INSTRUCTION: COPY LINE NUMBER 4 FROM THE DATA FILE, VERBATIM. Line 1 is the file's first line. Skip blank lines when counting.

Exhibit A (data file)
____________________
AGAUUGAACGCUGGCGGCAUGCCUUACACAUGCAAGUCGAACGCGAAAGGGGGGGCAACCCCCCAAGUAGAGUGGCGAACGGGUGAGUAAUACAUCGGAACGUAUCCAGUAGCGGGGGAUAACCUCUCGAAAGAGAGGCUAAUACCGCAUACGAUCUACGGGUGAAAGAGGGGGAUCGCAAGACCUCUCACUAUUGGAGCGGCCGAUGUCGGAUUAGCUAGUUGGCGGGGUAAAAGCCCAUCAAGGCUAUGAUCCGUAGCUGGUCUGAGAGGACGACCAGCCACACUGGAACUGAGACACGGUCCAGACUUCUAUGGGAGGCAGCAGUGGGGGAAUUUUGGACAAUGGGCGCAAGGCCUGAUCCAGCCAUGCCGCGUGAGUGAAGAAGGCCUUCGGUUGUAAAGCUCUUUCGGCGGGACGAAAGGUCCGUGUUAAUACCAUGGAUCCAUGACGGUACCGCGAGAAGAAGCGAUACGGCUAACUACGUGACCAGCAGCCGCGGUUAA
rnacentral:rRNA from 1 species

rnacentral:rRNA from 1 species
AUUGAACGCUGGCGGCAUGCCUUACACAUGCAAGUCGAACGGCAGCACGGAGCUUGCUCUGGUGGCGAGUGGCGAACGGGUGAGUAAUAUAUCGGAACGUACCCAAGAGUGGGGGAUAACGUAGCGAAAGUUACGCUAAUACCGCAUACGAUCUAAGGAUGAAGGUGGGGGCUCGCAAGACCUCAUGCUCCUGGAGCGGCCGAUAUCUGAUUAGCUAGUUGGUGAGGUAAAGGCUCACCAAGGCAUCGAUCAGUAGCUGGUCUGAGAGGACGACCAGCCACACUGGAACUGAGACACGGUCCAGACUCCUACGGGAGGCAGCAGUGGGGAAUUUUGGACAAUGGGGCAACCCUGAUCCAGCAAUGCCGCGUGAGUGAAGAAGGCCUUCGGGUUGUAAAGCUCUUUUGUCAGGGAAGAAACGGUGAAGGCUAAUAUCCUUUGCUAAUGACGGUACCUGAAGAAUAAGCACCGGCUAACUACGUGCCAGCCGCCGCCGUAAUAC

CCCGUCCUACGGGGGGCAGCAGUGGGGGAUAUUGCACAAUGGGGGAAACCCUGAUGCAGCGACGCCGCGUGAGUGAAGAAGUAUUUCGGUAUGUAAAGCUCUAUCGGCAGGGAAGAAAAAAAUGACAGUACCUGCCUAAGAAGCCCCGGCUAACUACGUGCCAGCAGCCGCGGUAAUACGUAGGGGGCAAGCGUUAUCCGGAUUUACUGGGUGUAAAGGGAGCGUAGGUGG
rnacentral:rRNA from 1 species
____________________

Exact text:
AUUGAACGCUGGCGGCAUGCCUUACACAUGCAAGUCGAACGGCAGCACGGAGCUUGCUCUGGUGGCGAGUGGCGAACGGGUGAGUAAUAUAUCGGAACGUACCCAAGAGUGGGGGAUAACGUAGCGAAAGUUACGCUAAUACCGCAUACGAUCUAAGGAUGAAGGUGGGGGCUCGCAAGACCUCAUGCUCCUGGAGCGGCCGAUAUCUGAUUAGCUAGUUGGUGAGGUAAAGGCUCACCAAGGCAUCGAUCAGUAGCUGGUCUGAGAGGACGACCAGCCACACUGGAACUGAGACACGGUCCAGACUCCUACGGGAGGCAGCAGUGGGGAAUUUUGGACAAUGGGGCAACCCUGAUCCAGCAAUGCCGCGUGAGUGAAGAAGGCCUUCGGGUUGUAAAGCUCUUUUGUCAGGGAAGAAACGGUGAAGGCUAAUAUCCUUUGCUAAUGACGGUACCUGAAGAAUAAGCACCGGCUAACUACGUGCCAGCCGCCGCCGUAAUAC